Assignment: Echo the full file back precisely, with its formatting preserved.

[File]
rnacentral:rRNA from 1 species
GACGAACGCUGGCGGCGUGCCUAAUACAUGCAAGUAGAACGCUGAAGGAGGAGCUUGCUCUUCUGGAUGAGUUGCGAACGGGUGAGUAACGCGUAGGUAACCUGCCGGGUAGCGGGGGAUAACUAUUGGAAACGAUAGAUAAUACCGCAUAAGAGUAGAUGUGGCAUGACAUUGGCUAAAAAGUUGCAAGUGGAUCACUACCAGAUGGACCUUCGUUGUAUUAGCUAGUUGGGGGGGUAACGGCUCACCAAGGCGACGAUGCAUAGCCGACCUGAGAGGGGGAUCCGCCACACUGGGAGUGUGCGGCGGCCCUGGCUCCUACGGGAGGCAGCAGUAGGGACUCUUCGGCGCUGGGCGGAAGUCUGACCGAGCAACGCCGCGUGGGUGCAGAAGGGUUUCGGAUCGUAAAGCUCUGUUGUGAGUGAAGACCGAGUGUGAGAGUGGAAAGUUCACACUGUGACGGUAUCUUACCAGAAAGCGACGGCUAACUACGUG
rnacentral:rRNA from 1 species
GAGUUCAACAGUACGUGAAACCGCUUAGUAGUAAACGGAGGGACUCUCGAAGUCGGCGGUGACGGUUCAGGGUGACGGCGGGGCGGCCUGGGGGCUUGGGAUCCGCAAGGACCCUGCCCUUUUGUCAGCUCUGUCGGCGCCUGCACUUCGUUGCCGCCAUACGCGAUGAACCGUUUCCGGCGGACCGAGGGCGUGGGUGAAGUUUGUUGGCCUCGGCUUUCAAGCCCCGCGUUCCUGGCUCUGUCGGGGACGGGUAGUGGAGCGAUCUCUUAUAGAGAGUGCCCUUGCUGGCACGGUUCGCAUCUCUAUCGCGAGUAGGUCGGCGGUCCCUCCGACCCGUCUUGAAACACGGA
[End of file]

rnacentral:rRNA from 1 species
GACGAACGCUGGCGGCGUGCCUAAUACAUGCAAGUAGAACGCUGAAGGAGGAGCUUGCUCUUCUGGAUGAGUUGCGAACGGGUGAGUAACGCGUAGGUAACCUGCCGGGUAGCGGGGGAUAACUAUUGGAAACGAUAGAUAAUACCGCAUAAGAGUAGAUGUGGCAUGACAUUGGCUAAAAAGUUGCAAGUGGAUCACUACCAGAUGGACCUUCGUUGUAUUAGCUAGUUGGGGGGGUAACGGCUCACCAAGGCGACGAUGCAUAGCCGACCUGAGAGGGGGAUCCGCCACACUGGGAGUGUGCGGCGGCCCUGGCUCCUACGGGAGGCAGCAGUAGGGACUCUUCGGCGCUGGGCGGAAGUCUGACCGAGCAACGCCGCGUGGGUGCAGAAGGGUUUCGGAUCGUAAAGCUCUGUUGUGAGUGAAGACCGAGUGUGAGAGUGGAAAGUUCACACUGUGACGGUAUCUUACCAGAAAGCGACGGCUAACUACGUG
rnacentral:rRNA from 1 species
GAGUUCAACAGUACGUGAAACCGCUUAGUAGUAAACGGAGGGACUCUCGAAGUCGGCGGUGACGGUUCAGGGUGACGGCGGGGCGGCCUGGGGGCUUGGGAUCCGCAAGGACCCUGCCCUUUUGUCAGCUCUGUCGGCGCCUGCACUUCGUUGCCGCCAUACGCGAUGAACCGUUUCCGGCGGACCGAGGGCGUGGGUGAAGUUUGUUGGCCUCGGCUUUCAAGCCCCGCGUUCCUGGCUCUGUCGGGGACGGGUAGUGGAGCGAUCUCUUAUAGAGAGUGCCCUUGCUGGCACGGUUCGCAUCUCUAUCGCGAGUAGGUCGGCGGUCCCUCCGACCCGUCUUGAAACACGGA